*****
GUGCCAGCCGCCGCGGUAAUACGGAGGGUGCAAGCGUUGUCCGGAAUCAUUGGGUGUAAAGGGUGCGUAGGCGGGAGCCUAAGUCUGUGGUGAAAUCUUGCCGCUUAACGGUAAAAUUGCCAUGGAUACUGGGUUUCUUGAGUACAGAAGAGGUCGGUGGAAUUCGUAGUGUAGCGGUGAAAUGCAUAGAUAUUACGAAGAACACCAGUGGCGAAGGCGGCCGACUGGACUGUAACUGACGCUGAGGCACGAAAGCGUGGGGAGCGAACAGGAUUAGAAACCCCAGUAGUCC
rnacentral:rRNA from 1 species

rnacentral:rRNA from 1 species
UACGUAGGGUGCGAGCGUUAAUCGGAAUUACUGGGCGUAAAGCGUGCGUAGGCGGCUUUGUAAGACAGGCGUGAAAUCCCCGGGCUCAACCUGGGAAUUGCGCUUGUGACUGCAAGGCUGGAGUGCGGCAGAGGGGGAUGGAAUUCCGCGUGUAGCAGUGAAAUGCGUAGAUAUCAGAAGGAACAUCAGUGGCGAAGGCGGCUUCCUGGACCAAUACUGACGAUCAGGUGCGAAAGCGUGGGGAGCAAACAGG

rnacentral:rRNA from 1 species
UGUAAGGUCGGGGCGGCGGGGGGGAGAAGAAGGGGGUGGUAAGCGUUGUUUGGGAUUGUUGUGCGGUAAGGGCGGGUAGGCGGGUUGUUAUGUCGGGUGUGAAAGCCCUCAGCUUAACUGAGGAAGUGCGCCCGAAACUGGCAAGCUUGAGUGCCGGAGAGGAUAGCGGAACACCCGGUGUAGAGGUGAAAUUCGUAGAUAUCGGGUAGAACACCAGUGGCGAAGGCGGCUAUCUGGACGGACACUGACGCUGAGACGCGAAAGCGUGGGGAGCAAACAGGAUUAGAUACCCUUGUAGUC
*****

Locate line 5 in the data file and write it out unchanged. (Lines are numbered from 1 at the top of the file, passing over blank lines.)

rnacentral:rRNA from 1 species